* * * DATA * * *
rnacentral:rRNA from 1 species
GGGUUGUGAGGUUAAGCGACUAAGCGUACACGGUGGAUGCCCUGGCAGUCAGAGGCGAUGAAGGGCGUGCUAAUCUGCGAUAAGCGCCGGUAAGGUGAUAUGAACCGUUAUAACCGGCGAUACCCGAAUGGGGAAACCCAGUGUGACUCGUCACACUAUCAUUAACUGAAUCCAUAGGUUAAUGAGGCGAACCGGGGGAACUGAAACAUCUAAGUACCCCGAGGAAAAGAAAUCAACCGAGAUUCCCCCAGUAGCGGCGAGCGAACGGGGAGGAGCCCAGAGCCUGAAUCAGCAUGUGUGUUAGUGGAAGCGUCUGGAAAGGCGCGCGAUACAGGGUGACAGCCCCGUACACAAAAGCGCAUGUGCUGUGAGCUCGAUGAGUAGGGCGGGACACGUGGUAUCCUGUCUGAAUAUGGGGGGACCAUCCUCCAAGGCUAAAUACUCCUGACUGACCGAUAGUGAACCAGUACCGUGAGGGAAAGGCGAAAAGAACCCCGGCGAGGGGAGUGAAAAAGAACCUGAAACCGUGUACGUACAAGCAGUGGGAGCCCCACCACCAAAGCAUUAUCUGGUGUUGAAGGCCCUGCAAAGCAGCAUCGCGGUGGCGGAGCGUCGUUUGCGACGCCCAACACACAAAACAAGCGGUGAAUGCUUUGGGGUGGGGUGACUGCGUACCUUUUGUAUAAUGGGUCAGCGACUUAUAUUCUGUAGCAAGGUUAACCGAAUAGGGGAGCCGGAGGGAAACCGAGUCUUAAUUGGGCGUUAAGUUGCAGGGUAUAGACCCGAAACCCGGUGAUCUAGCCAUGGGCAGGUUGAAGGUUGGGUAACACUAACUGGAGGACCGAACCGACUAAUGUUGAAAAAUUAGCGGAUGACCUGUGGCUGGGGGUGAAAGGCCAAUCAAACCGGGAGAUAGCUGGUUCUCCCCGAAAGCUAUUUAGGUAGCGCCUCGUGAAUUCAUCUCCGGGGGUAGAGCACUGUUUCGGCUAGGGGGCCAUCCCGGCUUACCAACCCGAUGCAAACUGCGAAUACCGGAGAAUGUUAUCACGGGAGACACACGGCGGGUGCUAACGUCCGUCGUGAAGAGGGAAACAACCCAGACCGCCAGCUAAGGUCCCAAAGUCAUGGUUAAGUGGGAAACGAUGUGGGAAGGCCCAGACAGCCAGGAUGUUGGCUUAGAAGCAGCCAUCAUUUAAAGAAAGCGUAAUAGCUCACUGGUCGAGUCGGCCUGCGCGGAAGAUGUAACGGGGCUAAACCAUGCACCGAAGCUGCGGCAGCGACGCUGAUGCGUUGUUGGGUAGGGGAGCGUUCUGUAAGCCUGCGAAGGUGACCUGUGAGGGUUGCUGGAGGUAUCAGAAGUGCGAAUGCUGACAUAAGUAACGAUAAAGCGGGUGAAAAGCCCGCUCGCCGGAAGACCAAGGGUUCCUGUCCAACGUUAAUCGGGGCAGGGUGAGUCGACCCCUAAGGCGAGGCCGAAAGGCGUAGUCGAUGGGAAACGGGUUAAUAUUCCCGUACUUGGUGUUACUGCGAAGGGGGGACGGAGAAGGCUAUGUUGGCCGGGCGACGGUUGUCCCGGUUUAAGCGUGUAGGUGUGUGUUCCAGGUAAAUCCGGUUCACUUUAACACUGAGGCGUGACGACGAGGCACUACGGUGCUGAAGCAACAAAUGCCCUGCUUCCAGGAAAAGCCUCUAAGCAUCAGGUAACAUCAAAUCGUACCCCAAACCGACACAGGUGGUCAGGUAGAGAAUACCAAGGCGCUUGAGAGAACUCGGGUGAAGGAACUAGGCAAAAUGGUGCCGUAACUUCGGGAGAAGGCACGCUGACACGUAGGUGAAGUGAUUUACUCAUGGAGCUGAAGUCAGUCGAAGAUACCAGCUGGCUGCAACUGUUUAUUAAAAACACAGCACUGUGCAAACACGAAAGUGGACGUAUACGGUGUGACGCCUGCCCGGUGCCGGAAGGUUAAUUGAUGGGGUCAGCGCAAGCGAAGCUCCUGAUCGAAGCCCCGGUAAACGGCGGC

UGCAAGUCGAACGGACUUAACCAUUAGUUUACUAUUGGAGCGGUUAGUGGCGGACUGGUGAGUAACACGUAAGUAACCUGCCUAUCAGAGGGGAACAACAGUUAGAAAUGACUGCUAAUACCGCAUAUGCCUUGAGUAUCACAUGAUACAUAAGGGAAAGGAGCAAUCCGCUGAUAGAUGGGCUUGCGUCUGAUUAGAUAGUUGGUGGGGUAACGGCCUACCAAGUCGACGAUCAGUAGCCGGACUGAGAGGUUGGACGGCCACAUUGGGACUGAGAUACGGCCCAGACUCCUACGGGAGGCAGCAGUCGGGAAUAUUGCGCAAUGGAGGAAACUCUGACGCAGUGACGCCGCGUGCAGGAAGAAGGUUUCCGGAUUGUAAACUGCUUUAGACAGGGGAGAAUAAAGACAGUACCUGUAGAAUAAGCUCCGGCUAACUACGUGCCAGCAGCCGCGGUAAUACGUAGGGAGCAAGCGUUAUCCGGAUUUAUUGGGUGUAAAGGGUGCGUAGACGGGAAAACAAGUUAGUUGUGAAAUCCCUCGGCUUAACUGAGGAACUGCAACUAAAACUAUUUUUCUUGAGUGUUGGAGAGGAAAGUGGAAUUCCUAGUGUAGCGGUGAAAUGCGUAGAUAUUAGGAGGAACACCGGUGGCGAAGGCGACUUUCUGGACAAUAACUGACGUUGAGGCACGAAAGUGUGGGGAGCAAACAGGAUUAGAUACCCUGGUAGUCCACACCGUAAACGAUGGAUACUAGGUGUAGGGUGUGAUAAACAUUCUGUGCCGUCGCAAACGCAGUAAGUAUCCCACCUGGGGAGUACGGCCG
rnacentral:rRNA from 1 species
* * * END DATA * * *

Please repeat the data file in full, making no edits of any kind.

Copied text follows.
rnacentral:rRNA from 1 species
GGGUUGUGAGGUUAAGCGACUAAGCGUACACGGUGGAUGCCCUGGCAGUCAGAGGCGAUGAAGGGCGUGCUAAUCUGCGAUAAGCGCCGGUAAGGUGAUAUGAACCGUUAUAACCGGCGAUACCCGAAUGGGGAAACCCAGUGUGACUCGUCACACUAUCAUUAACUGAAUCCAUAGGUUAAUGAGGCGAACCGGGGGAACUGAAACAUCUAAGUACCCCGAGGAAAAGAAAUCAACCGAGAUUCCCCCAGUAGCGGCGAGCGAACGGGGAGGAGCCCAGAGCCUGAAUCAGCAUGUGUGUUAGUGGAAGCGUCUGGAAAGGCGCGCGAUACAGGGUGACAGCCCCGUACACAAAAGCGCAUGUGCUGUGAGCUCGAUGAGUAGGGCGGGACACGUGGUAUCCUGUCUGAAUAUGGGGGGACCAUCCUCCAAGGCUAAAUACUCCUGACUGACCGAUAGUGAACCAGUACCGUGAGGGAAAGGCGAAAAGAACCCCGGCGAGGGGAGUGAAAAAGAACCUGAAACCGUGUACGUACAAGCAGUGGGAGCCCCACCACCAAAGCAUUAUCUGGUGUUGAAGGCCCUGCAAAGCAGCAUCGCGGUGGCGGAGCGUCGUUUGCGACGCCCAACACACAAAACAAGCGGUGAAUGCUUUGGGGUGGGGUGACUGCGUACCUUUUGUAUAAUGGGUCAGCGACUUAUAUUCUGUAGCAAGGUUAACCGAAUAGGGGAGCCGGAGGGAAACCGAGUCUUAAUUGGGCGUUAAGUUGCAGGGUAUAGACCCGAAACCCGGUGAUCUAGCCAUGGGCAGGUUGAAGGUUGGGUAACACUAACUGGAGGACCGAACCGACUAAUGUUGAAAAAUUAGCGGAUGACCUGUGGCUGGGGGUGAAAGGCCAAUCAAACCGGGAGAUAGCUGGUUCUCCCCGAAAGCUAUUUAGGUAGCGCCUCGUGAAUUCAUCUCCGGGGGUAGAGCACUGUUUCGGCUAGGGGGCCAUCCCGGCUUACCAACCCGAUGCAAACUGCGAAUACCGGAGAAUGUUAUCACGGGAGACACACGGCGGGUGCUAACGUCCGUCGUGAAGAGGGAAACAACCCAGACCGCCAGCUAAGGUCCCAAAGUCAUGGUUAAGUGGGAAACGAUGUGGGAAGGCCCAGACAGCCAGGAUGUUGGCUUAGAAGCAGCCAUCAUUUAAAGAAAGCGUAAUAGCUCACUGGUCGAGUCGGCCUGCGCGGAAGAUGUAACGGGGCUAAACCAUGCACCGAAGCUGCGGCAGCGACGCUGAUGCGUUGUUGGGUAGGGGAGCGUUCUGUAAGCCUGCGAAGGUGACCUGUGAGGGUUGCUGGAGGUAUCAGAAGUGCGAAUGCUGACAUAAGUAACGAUAAAGCGGGUGAAAAGCCCGCUCGCCGGAAGACCAAGGGUUCCUGUCCAACGUUAAUCGGGGCAGGGUGAGUCGACCCCUAAGGCGAGGCCGAAAGGCGUAGUCGAUGGGAAACGGGUUAAUAUUCCCGUACUUGGUGUUACUGCGAAGGGGGGACGGAGAAGGCUAUGUUGGCCGGGCGACGGUUGUCCCGGUUUAAGCGUGUAGGUGUGUGUUCCAGGUAAAUCCGGUUCACUUUAACACUGAGGCGUGACGACGAGGCACUACGGUGCUGAAGCAACAAAUGCCCUGCUUCCAGGAAAAGCCUCUAAGCAUCAGGUAACAUCAAAUCGUACCCCAAACCGACACAGGUGGUCAGGUAGAGAAUACCAAGGCGCUUGAGAGAACUCGGGUGAAGGAACUAGGCAAAAUGGUGCCGUAACUUCGGGAGAAGGCACGCUGACACGUAGGUGAAGUGAUUUACUCAUGGAGCUGAAGUCAGUCGAAGAUACCAGCUGGCUGCAACUGUUUAUUAAAAACACAGCACUGUGCAAACACGAAAGUGGACGUAUACGGUGUGACGCCUGCCCGGUGCCGGAAGGUUAAUUGAUGGGGUCAGCGCAAGCGAAGCUCCUGAUCGAAGCCCCGGUAAACGGCGGC

UGCAAGUCGAACGGACUUAACCAUUAGUUUACUAUUGGAGCGGUUAGUGGCGGACUGGUGAGUAACACGUAAGUAACCUGCCUAUCAGAGGGGAACAACAGUUAGAAAUGACUGCUAAUACCGCAUAUGCCUUGAGUAUCACAUGAUACAUAAGGGAAAGGAGCAAUCCGCUGAUAGAUGGGCUUGCGUCUGAUUAGAUAGUUGGUGGGGUAACGGCCUACCAAGUCGACGAUCAGUAGCCGGACUGAGAGGUUGGACGGCCACAUUGGGACUGAGAUACGGCCCAGACUCCUACGGGAGGCAGCAGUCGGGAAUAUUGCGCAAUGGAGGAAACUCUGACGCAGUGACGCCGCGUGCAGGAAGAAGGUUUCCGGAUUGUAAACUGCUUUAGACAGGGGAGAAUAAAGACAGUACCUGUAGAAUAAGCUCCGGCUAACUACGUGCCAGCAGCCGCGGUAAUACGUAGGGAGCAAGCGUUAUCCGGAUUUAUUGGGUGUAAAGGGUGCGUAGACGGGAAAACAAGUUAGUUGUGAAAUCCCUCGGCUUAACUGAGGAACUGCAACUAAAACUAUUUUUCUUGAGUGUUGGAGAGGAAAGUGGAAUUCCUAGUGUAGCGGUGAAAUGCGUAGAUAUUAGGAGGAACACCGGUGGCGAAGGCGACUUUCUGGACAAUAACUGACGUUGAGGCACGAAAGUGUGGGGAGCAAACAGGAUUAGAUACCCUGGUAGUCCACACCGUAAACGAUGGAUACUAGGUGUAGGGUGUGAUAAACAUUCUGUGCCGUCGCAAACGCAGUAAGUAUCCCACCUGGGGAGUACGGCCG
rnacentral:rRNA from 1 species